The pandemic has hurt our mental health. The CDC reports a significant rise in the number of people reporting symptoms of anxiety and depression nationwide, but COVID-19’s effects on mental health are perhaps most profound in young people.
Psychiatrists in North Carolina agree the youth mental health crisis is the latest wave of the pandemic.
At the end of last year — and nearly two years into the pandemic — U.S. Surgeon General Dr. Vivek H. Murthy declared the country had a youth mental health crisis. Dr. Gary Maslow, a child psychiatrist at Duke University, agreed, but it hit home for him a few months later.
“In March, I was rounding in the hospital — I’ve been at Duke for a decade — and never experienced the number of children or young adults coming in with serious suicide attempts,” Maslow said. “What we might see in three months or a year we saw in a week.”
Dr. Gary Maslow, Duke University child psychiatrist
The CDC’s most recent numbers show the pandemic’s early effects on young Americans. In 2020, the overall suicide rate declined, but it was up among people between the ages of 10 and 34.
And for every teen who died by suicide that year, more than 200 others attempted it.
Meanwhile, the share of high school students who reported persistent feelings of sadness or hopelessness was already rising significantly in early 2020.
Maslow and other doctors agree the disruptions of COVID-19 exacerbated that trend. That was especially true for the most vulnerable children.
“The kids who have developmental conditions like autism or an intellectual disability, when they were in school, had a whole matrix of support. And the loss of that was profound,” Maslow said.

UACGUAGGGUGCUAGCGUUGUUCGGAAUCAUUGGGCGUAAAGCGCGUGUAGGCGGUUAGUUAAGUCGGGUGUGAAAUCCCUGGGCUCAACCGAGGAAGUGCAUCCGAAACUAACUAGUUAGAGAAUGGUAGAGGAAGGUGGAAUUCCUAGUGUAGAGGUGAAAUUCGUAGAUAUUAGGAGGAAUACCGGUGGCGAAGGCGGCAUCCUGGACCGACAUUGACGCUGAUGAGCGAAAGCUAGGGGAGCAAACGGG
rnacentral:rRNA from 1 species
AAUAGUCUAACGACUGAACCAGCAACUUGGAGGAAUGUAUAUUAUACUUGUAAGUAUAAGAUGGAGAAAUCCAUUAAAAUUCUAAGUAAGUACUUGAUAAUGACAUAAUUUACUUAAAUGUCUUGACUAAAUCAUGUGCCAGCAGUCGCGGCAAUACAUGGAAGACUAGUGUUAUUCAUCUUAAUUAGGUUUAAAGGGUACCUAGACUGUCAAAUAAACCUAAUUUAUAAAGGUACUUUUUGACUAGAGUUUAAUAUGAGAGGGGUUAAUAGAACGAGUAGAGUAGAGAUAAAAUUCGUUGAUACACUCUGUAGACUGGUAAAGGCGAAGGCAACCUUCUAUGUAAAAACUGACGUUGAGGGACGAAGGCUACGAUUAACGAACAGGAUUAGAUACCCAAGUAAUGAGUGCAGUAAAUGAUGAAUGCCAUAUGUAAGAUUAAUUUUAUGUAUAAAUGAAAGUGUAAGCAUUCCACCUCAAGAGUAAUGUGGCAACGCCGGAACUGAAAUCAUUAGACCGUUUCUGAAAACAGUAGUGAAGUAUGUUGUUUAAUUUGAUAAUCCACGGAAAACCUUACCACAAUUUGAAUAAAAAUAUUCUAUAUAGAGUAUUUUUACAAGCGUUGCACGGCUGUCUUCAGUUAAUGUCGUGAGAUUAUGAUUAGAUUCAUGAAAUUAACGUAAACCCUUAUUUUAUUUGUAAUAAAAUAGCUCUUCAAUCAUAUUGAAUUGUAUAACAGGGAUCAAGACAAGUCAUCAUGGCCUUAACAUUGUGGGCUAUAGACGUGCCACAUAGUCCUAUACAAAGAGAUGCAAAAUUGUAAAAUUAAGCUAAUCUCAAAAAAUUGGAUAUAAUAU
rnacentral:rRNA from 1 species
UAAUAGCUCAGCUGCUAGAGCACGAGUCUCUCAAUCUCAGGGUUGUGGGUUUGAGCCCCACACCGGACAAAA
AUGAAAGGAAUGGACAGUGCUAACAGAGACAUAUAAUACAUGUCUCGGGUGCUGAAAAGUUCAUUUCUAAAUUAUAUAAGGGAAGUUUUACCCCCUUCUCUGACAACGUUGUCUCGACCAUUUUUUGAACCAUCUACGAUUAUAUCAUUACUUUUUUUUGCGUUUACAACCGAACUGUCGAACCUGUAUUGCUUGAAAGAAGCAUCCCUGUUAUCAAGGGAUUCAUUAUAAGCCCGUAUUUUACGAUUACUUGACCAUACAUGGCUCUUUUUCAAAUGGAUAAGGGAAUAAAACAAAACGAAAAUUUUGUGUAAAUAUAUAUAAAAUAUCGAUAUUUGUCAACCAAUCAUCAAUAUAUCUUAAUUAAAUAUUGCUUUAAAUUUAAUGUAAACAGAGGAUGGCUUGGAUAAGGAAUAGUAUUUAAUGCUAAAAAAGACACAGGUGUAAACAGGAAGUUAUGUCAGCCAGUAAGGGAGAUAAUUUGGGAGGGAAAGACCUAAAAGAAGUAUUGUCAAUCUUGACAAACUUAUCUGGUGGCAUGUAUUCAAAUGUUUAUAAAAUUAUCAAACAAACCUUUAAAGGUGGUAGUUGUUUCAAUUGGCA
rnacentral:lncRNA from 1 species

Then, young people’s parents or guardians started dying from COVID-19. A report published by the COVID Collaborative said by the end of last year, more than 3,600 children in North Carolina had lost caregivers in the pandemic.
“Then they have depression or they have anxiety, and some of the natural supports that might buffer that are missing,” Maslow said.
‘Lost all patience’
Dr. Samantha Meltzer-Brody walks and talks with urgency. As the chair of the Department of Psychiatry at UNC-Chapel Hill, she works at the center of campus, surrounded by UNC’s expansive system of hospitals and clinics.
“I have lost all patience for talking about it,” Meltzer-Brody said shortly after sitting down in her office. “There is a crisis and we need to spring into action.”
Over the last two-and-a-half years, new variants of COVID-19 have periodically overwhelmed hospitals with sick patients. Now, Meltzer-Brody says, it’s the mental health care system that’s overwhelmed.
“You try to find a mental health clinician, but you can’t find one, because they’re all booked. Our emergency departments are now filled with patients with mental health conditions, who haven’t been able to get care, and they’re going to the emergency room sort of in crisis,” she explains.
Dr. Samantha Meltzer-Brody, chair of the Department of Psychiatry at UNC-Chapel Hill
“And there’s not sufficient places to take care of them, including those that need inpatient beds.”
Then there’s the discrepancy in how much is spent on mental versus physical health care. In general, insurance companies don’t cover behavioral health as robustly as primary care.